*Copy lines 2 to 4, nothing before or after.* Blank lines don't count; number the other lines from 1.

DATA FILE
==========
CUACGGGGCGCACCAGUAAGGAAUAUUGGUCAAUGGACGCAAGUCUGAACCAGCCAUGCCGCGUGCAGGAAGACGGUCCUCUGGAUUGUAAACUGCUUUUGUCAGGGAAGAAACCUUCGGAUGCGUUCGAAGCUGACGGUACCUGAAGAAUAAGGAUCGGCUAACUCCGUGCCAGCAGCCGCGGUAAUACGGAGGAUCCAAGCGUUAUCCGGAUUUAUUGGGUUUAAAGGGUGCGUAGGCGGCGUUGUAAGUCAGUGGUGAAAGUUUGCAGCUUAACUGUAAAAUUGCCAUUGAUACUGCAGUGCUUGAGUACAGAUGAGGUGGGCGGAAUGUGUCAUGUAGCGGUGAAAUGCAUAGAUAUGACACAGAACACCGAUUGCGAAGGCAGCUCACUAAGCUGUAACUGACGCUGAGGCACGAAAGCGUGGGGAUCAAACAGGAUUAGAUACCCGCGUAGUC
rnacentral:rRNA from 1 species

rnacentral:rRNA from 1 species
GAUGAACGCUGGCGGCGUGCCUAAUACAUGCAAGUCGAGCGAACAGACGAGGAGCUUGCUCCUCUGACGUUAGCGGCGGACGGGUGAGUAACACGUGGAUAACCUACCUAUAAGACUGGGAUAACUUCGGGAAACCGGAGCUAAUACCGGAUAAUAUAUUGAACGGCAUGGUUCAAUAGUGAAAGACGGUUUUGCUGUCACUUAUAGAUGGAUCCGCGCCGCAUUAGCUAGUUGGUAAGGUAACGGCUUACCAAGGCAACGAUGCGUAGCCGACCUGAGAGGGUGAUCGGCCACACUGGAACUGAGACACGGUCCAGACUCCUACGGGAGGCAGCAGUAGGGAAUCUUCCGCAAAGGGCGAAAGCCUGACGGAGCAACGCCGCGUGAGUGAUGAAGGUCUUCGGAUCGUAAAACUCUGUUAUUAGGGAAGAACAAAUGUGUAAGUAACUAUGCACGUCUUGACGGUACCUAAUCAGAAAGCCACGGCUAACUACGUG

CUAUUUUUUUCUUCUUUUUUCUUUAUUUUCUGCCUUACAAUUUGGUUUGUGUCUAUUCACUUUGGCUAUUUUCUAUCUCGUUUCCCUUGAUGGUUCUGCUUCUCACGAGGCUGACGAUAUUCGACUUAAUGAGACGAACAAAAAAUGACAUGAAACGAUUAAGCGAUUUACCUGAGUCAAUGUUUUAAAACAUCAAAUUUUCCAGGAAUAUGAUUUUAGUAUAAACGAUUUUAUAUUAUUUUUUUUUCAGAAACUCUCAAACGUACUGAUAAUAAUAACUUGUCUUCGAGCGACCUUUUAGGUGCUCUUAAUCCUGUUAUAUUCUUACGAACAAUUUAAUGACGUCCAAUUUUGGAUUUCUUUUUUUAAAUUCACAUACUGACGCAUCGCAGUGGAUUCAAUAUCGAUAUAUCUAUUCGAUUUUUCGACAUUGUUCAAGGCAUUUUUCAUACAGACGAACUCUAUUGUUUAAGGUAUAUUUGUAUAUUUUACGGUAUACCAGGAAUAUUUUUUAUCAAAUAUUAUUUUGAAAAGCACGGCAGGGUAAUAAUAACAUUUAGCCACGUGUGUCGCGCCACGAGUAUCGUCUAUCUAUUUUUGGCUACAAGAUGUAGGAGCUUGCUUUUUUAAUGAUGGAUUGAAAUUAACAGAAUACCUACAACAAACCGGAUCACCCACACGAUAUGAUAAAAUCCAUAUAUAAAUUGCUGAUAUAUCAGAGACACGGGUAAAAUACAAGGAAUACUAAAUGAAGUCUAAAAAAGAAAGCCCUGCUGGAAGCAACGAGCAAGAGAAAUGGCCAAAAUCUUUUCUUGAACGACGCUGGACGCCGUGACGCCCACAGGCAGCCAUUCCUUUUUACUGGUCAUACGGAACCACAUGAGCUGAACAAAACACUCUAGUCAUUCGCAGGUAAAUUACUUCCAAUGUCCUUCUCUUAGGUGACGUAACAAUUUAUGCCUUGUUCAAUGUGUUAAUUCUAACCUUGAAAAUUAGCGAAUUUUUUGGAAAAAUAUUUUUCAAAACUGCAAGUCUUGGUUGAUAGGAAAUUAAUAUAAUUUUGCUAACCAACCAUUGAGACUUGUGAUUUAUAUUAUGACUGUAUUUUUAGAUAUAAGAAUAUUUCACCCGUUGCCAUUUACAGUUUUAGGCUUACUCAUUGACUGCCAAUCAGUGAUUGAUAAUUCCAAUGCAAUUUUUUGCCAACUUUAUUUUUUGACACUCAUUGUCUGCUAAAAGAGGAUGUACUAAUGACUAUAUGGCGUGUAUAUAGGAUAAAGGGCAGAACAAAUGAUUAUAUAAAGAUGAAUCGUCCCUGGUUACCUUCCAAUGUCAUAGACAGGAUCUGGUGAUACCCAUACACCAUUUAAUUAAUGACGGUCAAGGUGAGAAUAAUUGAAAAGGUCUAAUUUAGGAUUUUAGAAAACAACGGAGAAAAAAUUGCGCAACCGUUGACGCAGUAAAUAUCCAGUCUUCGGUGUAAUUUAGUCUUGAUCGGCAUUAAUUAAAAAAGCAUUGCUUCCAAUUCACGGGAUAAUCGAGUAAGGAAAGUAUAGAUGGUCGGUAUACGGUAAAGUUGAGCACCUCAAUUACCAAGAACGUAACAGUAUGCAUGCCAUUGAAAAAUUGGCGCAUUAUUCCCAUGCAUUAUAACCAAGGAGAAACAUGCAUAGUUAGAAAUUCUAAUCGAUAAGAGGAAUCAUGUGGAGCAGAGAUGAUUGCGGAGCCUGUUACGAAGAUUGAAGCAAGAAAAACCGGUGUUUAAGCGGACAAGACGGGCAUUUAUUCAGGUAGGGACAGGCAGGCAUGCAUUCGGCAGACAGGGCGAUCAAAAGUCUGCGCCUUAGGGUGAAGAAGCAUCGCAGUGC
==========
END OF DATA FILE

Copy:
rnacentral:rRNA from 1 species

rnacentral:rRNA from 1 species
GAUGAACGCUGGCGGCGUGCCUAAUACAUGCAAGUCGAGCGAACAGACGAGGAGCUUGCUCCUCUGACGUUAGCGGCGGACGGGUGAGUAACACGUGGAUAACCUACCUAUAAGACUGGGAUAACUUCGGGAAACCGGAGCUAAUACCGGAUAAUAUAUUGAACGGCAUGGUUCAAUAGUGAAAGACGGUUUUGCUGUCACUUAUAGAUGGAUCCGCGCCGCAUUAGCUAGUUGGUAAGGUAACGGCUUACCAAGGCAACGAUGCGUAGCCGACCUGAGAGGGUGAUCGGCCACACUGGAACUGAGACACGGUCCAGACUCCUACGGGAGGCAGCAGUAGGGAAUCUUCCGCAAAGGGCGAAAGCCUGACGGAGCAACGCCGCGUGAGUGAUGAAGGUCUUCGGAUCGUAAAACUCUGUUAUUAGGGAAGAACAAAUGUGUAAGUAACUAUGCACGUCUUGACGGUACCUAAUCAGAAAGCCACGGCUAACUACGUG